9 December 2014
Thoreau was right: «Better not keep a house». I have two in two different villages and the economic crisis hinders me from selling them: since 2008 people who buy are few. The bigger and more beautiful house is in bad repair: nothing more working, not even warm water; windows not air-tight etc; not quite winter-proof. The other one is in better repair but the internet key doesn’t catch enough signal indoors (there are thick medieval stone walls); it works outside, in front of the door, so I used to stand there holding my laptop and turning it to one side or the other to connect to the internet, with the power cable reaching the power point indoors. I have no line connection nor a smartphone, I seldom use telephone at all, never liked it. Now the weather is getting too cold and unpleasant both to stay in the bigger house and to stand outside the other one with the laptop in my hands; so I think I won’t recharge the internet key.
I won’t be any longer connected once a day, therefore I won’t be able to send green stars as often as I used to. Thanks a lot to all who sent them to me!
By the way, if you’re curious to see the street (it’s so narrow, that it scarcely deserves to be called a street nowadays) where I used to stand in front of the door with my laptop, it’s shown on YouTube: http://youtu.be/OFYnQxvT_g8
My door is the one with the painted cypresses, with the half-moon, with the painted dish and with the handwritten notice “vendesi” & “for sale”.
Daniela Bress, quite a genius in graphic, assembled my old-skeptic face, my Tuscan sunset, and a quotation from an author I had told her about. Thank you Daniela!
SOME QUOTATIONS from another brother of mine (he lived in the first half of the 19th century in Massachusetts), my favourite brother:
* There are nowadays professors of philosophy, but not philosophers. Yet it is admirable to profess because it was once admirable to live. To be a philosopher is not merely to have subtle thoughts, not even to found a school, but so to love wisdom as to live according to its dictates, a life of simplicity, independence, magnanimity, and trust.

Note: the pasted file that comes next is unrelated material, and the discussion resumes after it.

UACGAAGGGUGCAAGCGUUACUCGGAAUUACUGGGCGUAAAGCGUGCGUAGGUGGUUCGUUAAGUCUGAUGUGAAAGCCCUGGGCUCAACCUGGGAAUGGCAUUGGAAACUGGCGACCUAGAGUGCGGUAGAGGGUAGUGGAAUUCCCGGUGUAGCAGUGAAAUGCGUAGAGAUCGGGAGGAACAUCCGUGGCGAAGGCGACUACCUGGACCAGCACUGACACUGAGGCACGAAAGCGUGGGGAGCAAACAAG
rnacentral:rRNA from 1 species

* The poor rich man! all he has is what he has bought. What I see is mine.
* trade curses every thing it handles; and though you trade in messages from heaven, the whole curse of trade attaches to the business.
* It is remarkable what a serious business men make of getting their dinners, and how universally shiftlessness and a grovelling taste take refuge in a merely ant-like industry. Better go without your dinner, I thought, than be thus everlastingly fishing for it like a cormorant.
* This was sheer idleness to my fellow-townsmen, no doubt; but if the birds and flowers had tried me by their standard, I should not have been found wanting...
* Simplify, simplify. Instead of three meals a day, if it be necessary eat but one; instead of a hundred dishes, five; and reduce other things in proportion.
* a man is rich in proportion to the number of things which he can afford to let alone.
* Is it impossible to combine the hardiness of these savages with the intellectualness of the civilized man?
* Books, not which afford us a cowering enjoyment, but in which each thought is of unusual daring; such as an idle man cannot read, and a timid one would not be entertained by, which even make us dangerous to existing institutions, — such call I good books.
* I am not sure but I should betake myself in extremities to the liberal divinities of Greece, rather than to my country's God. Jehovah, though with us he has acquired new attributes, is more absolute and unapprochable, but hardly more divine, than Jove.
* There is no odor so bad as which arises from goodness tainted. It is human, it is divine, carrion. If I knew for a certainty that a man was coming to my house with the conscious design of doing me good, I should run for my life, as from that dry and parching wind of the African deserts called the simoom, which fills the mouth and nose and ears and eyes with dust till you are suffocated, for fear that I should get some of his good done to me, — some of his virus mingled with my blood.
* I had rather keep bachelor's hall in hell than go board in heaven!